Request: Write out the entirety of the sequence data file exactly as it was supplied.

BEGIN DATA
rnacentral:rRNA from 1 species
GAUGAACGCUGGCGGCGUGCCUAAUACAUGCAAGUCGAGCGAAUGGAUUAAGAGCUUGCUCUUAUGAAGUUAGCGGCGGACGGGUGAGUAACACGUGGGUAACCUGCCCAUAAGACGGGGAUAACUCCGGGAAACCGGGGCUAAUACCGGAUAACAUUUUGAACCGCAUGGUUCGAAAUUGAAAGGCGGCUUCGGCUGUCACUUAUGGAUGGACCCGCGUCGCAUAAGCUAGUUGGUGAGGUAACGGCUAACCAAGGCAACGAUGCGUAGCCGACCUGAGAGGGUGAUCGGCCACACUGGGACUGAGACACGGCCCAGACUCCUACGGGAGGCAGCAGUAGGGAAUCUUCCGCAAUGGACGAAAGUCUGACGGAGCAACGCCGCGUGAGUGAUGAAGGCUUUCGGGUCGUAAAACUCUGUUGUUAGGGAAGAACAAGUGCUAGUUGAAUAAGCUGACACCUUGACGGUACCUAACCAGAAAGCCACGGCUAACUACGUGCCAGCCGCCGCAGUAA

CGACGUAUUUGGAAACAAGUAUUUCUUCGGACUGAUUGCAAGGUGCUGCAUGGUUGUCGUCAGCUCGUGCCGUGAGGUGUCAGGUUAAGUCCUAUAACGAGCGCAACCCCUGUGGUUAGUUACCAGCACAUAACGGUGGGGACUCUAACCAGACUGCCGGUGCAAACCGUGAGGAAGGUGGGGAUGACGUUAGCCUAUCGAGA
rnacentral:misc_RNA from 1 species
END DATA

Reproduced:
rnacentral:rRNA from 1 species
GAUGAACGCUGGCGGCGUGCCUAAUACAUGCAAGUCGAGCGAAUGGAUUAAGAGCUUGCUCUUAUGAAGUUAGCGGCGGACGGGUGAGUAACACGUGGGUAACCUGCCCAUAAGACGGGGAUAACUCCGGGAAACCGGGGCUAAUACCGGAUAACAUUUUGAACCGCAUGGUUCGAAAUUGAAAGGCGGCUUCGGCUGUCACUUAUGGAUGGACCCGCGUCGCAUAAGCUAGUUGGUGAGGUAACGGCUAACCAAGGCAACGAUGCGUAGCCGACCUGAGAGGGUGAUCGGCCACACUGGGACUGAGACACGGCCCAGACUCCUACGGGAGGCAGCAGUAGGGAAUCUUCCGCAAUGGACGAAAGUCUGACGGAGCAACGCCGCGUGAGUGAUGAAGGCUUUCGGGUCGUAAAACUCUGUUGUUAGGGAAGAACAAGUGCUAGUUGAAUAAGCUGACACCUUGACGGUACCUAACCAGAAAGCCACGGCUAACUACGUGCCAGCCGCCGCAGUAA

CGACGUAUUUGGAAACAAGUAUUUCUUCGGACUGAUUGCAAGGUGCUGCAUGGUUGUCGUCAGCUCGUGCCGUGAGGUGUCAGGUUAAGUCCUAUAACGAGCGCAACCCCUGUGGUUAGUUACCAGCACAUAACGGUGGGGACUCUAACCAGACUGCCGGUGCAAACCGUGAGGAAGGUGGGGAUGACGUUAGCCUAUCGAGA
rnacentral:misc_RNA from 1 species